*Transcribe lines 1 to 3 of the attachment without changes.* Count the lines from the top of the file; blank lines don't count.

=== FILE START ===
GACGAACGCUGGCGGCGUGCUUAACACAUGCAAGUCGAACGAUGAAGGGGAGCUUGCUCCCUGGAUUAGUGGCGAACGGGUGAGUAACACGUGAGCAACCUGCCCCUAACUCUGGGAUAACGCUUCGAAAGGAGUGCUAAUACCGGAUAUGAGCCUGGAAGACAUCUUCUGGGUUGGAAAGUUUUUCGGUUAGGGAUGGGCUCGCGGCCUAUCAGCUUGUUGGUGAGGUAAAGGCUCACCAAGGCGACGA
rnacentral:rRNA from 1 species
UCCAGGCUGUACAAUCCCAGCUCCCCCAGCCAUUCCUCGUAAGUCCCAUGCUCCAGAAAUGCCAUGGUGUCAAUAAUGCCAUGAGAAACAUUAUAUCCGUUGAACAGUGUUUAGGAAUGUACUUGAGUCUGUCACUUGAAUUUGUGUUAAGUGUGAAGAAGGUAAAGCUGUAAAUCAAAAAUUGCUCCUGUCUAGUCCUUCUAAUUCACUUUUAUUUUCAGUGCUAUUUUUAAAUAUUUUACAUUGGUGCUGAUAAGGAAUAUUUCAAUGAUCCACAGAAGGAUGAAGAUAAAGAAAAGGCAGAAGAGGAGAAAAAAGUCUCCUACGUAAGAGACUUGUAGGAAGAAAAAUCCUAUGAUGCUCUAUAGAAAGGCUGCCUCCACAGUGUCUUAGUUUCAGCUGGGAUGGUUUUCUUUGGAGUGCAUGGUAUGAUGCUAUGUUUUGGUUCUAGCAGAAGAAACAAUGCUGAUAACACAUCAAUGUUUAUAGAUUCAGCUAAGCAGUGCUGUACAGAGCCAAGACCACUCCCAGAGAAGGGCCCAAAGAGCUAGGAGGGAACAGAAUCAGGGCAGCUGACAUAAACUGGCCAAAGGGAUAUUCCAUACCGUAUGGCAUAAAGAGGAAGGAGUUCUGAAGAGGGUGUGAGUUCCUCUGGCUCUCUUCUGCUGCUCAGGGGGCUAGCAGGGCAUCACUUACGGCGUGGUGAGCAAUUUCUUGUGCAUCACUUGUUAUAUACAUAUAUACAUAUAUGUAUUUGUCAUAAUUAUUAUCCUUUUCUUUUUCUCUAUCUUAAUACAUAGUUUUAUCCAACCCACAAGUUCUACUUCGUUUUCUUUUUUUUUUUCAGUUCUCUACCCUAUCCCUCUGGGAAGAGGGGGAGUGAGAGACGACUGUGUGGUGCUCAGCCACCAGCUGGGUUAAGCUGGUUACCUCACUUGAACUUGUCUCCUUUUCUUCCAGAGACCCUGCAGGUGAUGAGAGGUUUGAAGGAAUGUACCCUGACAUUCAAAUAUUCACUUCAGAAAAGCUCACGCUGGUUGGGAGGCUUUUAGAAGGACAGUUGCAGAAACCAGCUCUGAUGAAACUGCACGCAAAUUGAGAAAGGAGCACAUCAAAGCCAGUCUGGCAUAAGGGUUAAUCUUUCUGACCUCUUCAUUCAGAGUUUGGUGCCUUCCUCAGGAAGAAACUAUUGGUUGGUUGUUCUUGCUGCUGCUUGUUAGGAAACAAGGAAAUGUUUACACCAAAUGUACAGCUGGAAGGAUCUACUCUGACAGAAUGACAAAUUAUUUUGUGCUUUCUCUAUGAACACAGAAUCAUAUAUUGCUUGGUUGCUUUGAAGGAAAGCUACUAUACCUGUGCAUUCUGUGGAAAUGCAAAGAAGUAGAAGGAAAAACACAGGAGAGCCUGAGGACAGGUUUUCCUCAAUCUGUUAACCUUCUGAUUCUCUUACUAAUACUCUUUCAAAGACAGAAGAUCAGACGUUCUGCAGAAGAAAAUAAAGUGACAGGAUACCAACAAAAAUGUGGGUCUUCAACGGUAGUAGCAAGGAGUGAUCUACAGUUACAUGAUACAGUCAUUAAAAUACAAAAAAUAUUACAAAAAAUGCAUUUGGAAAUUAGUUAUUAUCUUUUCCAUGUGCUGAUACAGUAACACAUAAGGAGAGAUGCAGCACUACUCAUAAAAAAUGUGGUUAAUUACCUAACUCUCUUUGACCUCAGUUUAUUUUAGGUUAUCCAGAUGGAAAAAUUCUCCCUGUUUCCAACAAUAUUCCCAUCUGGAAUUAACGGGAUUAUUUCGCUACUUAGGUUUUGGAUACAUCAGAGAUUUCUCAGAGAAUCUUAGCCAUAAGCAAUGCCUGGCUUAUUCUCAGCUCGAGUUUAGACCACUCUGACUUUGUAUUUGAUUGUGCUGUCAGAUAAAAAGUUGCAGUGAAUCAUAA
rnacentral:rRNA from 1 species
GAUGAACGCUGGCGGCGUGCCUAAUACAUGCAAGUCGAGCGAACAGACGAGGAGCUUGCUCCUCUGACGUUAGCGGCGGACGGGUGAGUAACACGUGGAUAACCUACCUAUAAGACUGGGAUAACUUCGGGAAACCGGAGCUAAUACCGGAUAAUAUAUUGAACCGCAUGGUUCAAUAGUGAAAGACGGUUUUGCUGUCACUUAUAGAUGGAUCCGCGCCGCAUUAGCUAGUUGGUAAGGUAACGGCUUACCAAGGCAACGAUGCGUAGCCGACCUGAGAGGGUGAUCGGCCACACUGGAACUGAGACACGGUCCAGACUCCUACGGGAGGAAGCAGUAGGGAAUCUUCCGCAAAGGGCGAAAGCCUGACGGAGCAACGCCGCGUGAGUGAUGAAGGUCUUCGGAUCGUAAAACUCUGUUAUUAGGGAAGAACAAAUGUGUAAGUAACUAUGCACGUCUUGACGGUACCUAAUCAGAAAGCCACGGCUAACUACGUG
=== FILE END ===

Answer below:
GACGAACGCUGGCGGCGUGCUUAACACAUGCAAGUCGAACGAUGAAGGGGAGCUUGCUCCCUGGAUUAGUGGCGAACGGGUGAGUAACACGUGAGCAACCUGCCCCUAACUCUGGGAUAACGCUUCGAAAGGAGUGCUAAUACCGGAUAUGAGCCUGGAAGACAUCUUCUGGGUUGGAAAGUUUUUCGGUUAGGGAUGGGCUCGCGGCCUAUCAGCUUGUUGGUGAGGUAAAGGCUCACCAAGGCGACGA
rnacentral:rRNA from 1 species
UCCAGGCUGUACAAUCCCAGCUCCCCCAGCCAUUCCUCGUAAGUCCCAUGCUCCAGAAAUGCCAUGGUGUCAAUAAUGCCAUGAGAAACAUUAUAUCCGUUGAACAGUGUUUAGGAAUGUACUUGAGUCUGUCACUUGAAUUUGUGUUAAGUGUGAAGAAGGUAAAGCUGUAAAUCAAAAAUUGCUCCUGUCUAGUCCUUCUAAUUCACUUUUAUUUUCAGUGCUAUUUUUAAAUAUUUUACAUUGGUGCUGAUAAGGAAUAUUUCAAUGAUCCACAGAAGGAUGAAGAUAAAGAAAAGGCAGAAGAGGAGAAAAAAGUCUCCUACGUAAGAGACUUGUAGGAAGAAAAAUCCUAUGAUGCUCUAUAGAAAGGCUGCCUCCACAGUGUCUUAGUUUCAGCUGGGAUGGUUUUCUUUGGAGUGCAUGGUAUGAUGCUAUGUUUUGGUUCUAGCAGAAGAAACAAUGCUGAUAACACAUCAAUGUUUAUAGAUUCAGCUAAGCAGUGCUGUACAGAGCCAAGACCACUCCCAGAGAAGGGCCCAAAGAGCUAGGAGGGAACAGAAUCAGGGCAGCUGACAUAAACUGGCCAAAGGGAUAUUCCAUACCGUAUGGCAUAAAGAGGAAGGAGUUCUGAAGAGGGUGUGAGUUCCUCUGGCUCUCUUCUGCUGCUCAGGGGGCUAGCAGGGCAUCACUUACGGCGUGGUGAGCAAUUUCUUGUGCAUCACUUGUUAUAUACAUAUAUACAUAUAUGUAUUUGUCAUAAUUAUUAUCCUUUUCUUUUUCUCUAUCUUAAUACAUAGUUUUAUCCAACCCACAAGUUCUACUUCGUUUUCUUUUUUUUUUUCAGUUCUCUACCCUAUCCCUCUGGGAAGAGGGGGAGUGAGAGACGACUGUGUGGUGCUCAGCCACCAGCUGGGUUAAGCUGGUUACCUCACUUGAACUUGUCUCCUUUUCUUCCAGAGACCCUGCAGGUGAUGAGAGGUUUGAAGGAAUGUACCCUGACAUUCAAAUAUUCACUUCAGAAAAGCUCACGCUGGUUGGGAGGCUUUUAGAAGGACAGUUGCAGAAACCAGCUCUGAUGAAACUGCACGCAAAUUGAGAAAGGAGCACAUCAAAGCCAGUCUGGCAUAAGGGUUAAUCUUUCUGACCUCUUCAUUCAGAGUUUGGUGCCUUCCUCAGGAAGAAACUAUUGGUUGGUUGUUCUUGCUGCUGCUUGUUAGGAAACAAGGAAAUGUUUACACCAAAUGUACAGCUGGAAGGAUCUACUCUGACAGAAUGACAAAUUAUUUUGUGCUUUCUCUAUGAACACAGAAUCAUAUAUUGCUUGGUUGCUUUGAAGGAAAGCUACUAUACCUGUGCAUUCUGUGGAAAUGCAAAGAAGUAGAAGGAAAAACACAGGAGAGCCUGAGGACAGGUUUUCCUCAAUCUGUUAACCUUCUGAUUCUCUUACUAAUACUCUUUCAAAGACAGAAGAUCAGACGUUCUGCAGAAGAAAAUAAAGUGACAGGAUACCAACAAAAAUGUGGGUCUUCAACGGUAGUAGCAAGGAGUGAUCUACAGUUACAUGAUACAGUCAUUAAAAUACAAAAAAUAUUACAAAAAAUGCAUUUGGAAAUUAGUUAUUAUCUUUUCCAUGUGCUGAUACAGUAACACAUAAGGAGAGAUGCAGCACUACUCAUAAAAAAUGUGGUUAAUUACCUAACUCUCUUUGACCUCAGUUUAUUUUAGGUUAUCCAGAUGGAAAAAUUCUCCCUGUUUCCAACAAUAUUCCCAUCUGGAAUUAACGGGAUUAUUUCGCUACUUAGGUUUUGGAUACAUCAGAGAUUUCUCAGAGAAUCUUAGCCAUAAGCAAUGCCUGGCUUAUUCUCAGCUCGAGUUUAGACCACUCUGACUUUGUAUUUGAUUGUGCUGUCAGAUAAAAAGUUGCAGUGAAUCAUAA